CHAP
Challenge Handshake Protocol - a vendor-neutral protocol, in which the server and the client are able to complete a handshake and obtain authentication over a PPP network connection, without the client's password EVER crossing the network. CHAP and PAP were the two methods of authentication - but PAP is no longer used, because the login and password were passed with clear text. CHAP involves a "3-way handshake." CHAP is the highest level of password security that non-microsoft clients can use. CHAP does not natively support data encryption, certificates, or tokens (See MSCHAP)
CHAP challenge/response (3-way handshake)
After the TCP link handshake is completed, CHAP (1) The "authenticator" (server) sends a random challenge message to the peer (2) The peer responds by creating a value (from the Challenge seed) obtained by doing a one-way hash, using the bits in the client's password, and returns this value to Server (3) Sever performs the same hash, using the bits in the proported client's password - and if the returned value matches the local calculation, authentication is granted. This challenge-response is repeated periodically. CHAP suffers compared to MS-CHAP V2, in that the authentication is one-way. Client has NO WAY of knowing that server is not an impostor. In addition, CHAP is highly subject to client's with weak passwords.
Certificate Multi-factor authentication
Uses more than one authentication mechanism at the same time (ie ATM card + PIN)
Token
Hardware device? used in authentication (something you have) (e.g. RSA secureToken)
Security Token
A list of all of the user and group SIDs (including Universal group membership), which is presented by client to service when requesting access to a resource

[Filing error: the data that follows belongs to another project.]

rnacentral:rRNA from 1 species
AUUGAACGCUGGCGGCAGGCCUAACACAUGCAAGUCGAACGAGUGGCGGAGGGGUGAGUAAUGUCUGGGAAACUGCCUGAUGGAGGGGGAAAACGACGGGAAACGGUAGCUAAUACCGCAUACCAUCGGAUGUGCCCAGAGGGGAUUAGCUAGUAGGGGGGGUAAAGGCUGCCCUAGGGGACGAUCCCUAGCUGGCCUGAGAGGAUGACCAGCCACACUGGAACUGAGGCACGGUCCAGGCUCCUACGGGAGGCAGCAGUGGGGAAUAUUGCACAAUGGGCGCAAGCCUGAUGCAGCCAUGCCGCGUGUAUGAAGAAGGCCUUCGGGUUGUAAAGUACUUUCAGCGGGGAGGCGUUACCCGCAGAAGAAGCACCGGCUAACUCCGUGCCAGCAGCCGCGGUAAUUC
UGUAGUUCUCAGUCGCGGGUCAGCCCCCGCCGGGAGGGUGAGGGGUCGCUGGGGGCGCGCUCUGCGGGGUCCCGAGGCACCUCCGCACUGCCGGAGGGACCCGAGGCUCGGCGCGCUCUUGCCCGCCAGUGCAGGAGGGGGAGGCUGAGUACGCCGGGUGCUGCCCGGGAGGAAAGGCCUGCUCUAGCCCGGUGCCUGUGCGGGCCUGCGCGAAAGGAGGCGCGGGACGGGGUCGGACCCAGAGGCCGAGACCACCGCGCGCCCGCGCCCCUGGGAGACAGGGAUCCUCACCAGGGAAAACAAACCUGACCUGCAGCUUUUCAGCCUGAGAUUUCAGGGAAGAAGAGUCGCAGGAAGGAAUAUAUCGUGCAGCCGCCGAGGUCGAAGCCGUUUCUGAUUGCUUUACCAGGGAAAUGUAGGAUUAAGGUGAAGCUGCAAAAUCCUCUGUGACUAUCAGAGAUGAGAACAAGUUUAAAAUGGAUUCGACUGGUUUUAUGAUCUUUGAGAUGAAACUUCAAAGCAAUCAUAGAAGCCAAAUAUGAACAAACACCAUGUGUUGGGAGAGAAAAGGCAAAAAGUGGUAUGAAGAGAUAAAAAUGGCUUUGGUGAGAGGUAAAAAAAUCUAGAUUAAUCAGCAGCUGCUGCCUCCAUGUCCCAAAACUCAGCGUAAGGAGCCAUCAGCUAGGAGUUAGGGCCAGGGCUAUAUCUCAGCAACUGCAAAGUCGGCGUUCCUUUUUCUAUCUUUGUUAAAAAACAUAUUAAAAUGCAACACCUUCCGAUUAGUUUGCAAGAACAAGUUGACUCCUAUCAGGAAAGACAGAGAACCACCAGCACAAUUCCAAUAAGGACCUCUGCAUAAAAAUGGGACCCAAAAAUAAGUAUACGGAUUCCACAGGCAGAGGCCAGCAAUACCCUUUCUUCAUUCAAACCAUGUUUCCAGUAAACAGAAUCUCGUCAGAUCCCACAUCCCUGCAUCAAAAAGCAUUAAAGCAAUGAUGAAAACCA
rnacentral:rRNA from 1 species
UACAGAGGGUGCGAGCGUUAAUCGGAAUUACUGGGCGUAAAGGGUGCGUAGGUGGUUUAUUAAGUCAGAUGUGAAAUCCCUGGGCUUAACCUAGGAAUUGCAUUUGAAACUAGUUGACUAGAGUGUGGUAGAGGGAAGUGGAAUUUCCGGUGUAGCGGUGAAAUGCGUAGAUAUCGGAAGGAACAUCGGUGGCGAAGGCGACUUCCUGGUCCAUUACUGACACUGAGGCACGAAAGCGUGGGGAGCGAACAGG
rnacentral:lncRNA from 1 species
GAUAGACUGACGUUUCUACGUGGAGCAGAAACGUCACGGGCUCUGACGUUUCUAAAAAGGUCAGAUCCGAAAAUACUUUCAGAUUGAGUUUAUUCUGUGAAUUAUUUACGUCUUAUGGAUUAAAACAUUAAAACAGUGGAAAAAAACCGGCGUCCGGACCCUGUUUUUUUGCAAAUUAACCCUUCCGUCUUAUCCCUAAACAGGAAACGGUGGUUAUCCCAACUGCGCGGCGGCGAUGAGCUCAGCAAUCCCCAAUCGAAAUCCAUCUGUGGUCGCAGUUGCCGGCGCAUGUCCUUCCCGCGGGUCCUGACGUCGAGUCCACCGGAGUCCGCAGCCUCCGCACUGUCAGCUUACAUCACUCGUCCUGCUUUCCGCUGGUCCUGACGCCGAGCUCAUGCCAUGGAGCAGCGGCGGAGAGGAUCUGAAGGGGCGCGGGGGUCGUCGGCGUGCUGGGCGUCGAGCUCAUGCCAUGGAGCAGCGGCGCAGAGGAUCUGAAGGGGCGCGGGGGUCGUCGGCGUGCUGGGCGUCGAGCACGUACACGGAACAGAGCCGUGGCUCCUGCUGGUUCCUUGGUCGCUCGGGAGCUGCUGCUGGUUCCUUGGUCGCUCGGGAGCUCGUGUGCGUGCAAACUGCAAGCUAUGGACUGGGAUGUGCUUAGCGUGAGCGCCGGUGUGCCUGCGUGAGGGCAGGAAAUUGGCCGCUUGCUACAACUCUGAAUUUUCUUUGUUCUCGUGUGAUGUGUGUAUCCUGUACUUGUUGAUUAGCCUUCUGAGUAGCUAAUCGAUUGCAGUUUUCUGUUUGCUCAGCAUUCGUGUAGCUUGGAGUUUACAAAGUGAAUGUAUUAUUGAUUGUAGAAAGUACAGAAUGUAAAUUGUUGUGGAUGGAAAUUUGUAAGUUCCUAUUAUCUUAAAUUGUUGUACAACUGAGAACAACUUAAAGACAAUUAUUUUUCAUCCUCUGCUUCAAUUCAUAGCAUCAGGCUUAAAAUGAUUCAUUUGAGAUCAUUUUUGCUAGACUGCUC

Multifactor Authentication
Uses more than one authentication mechanism at the same time (ie ATM card + PIN)
Mutual Authentication
Authentication of both sides of a communication. Helps prevent man-in-the-middle attacks. CHAP and MS-CHAP both suffer from single-sided authentication. With MS-CHAP V2, this was corrected and now, as soon as client completes the 3-way handshake with server, client challenges server with another 3-way handshake - result "Mutual Authentication"
Information Assurance
IA is the practice of managing information-related risks by ensuring CONFIDENTIALITY, INTEGRITY, AUTHENTICITY, AVAILABILITY, AND NON-REPUDIATION. IA is the process of insuring that AUTHORIZED USERS have access to AUTHORIZED INFORMATION at the AUTHORIZED TIME.
DoD Information Assurance
The Department of Defense implemented its version of IA, with the DoD instruction 8570.01-M, which mandates levels of training and certifications for all DoD, Civil service, and Contractors involved in DoD IT.
Information Security
Protecting information and information systems from unauthorized access, use, disclosure, disruption, modification, and destruction. Protection = Prevention + Detection + Response
Nonrepudiation
Nonrepudiation is a way to guarantee that information received is from the source indicated. This must be legally enforceable. This is usually accomplished by "digitally signing" of messages, computer programs and other data. Guarantee that senders cannot deny they sent a message
TCP 3-way Handshake
SYN -> <- SYN/ACK ACK/SYN -> Establishes a "Session" between two computers over a network. The first SYN is from the initiator to the desired target, and includes a "Syn" number to reference in future conversations. The Syn/Ack is from the target machine symbolizing that it is ready to establish a connection and is holding a session open. This returns the target's intended Syn number, and Ack's the sender's Syn number (+1), the Ack/Syn is from the initiator, acknowledging the target's Syn number (+1) and repeating it's own Syn number for reference. Once completed, the "session" will be maintained until the transmission is completed. (See SYN Attack)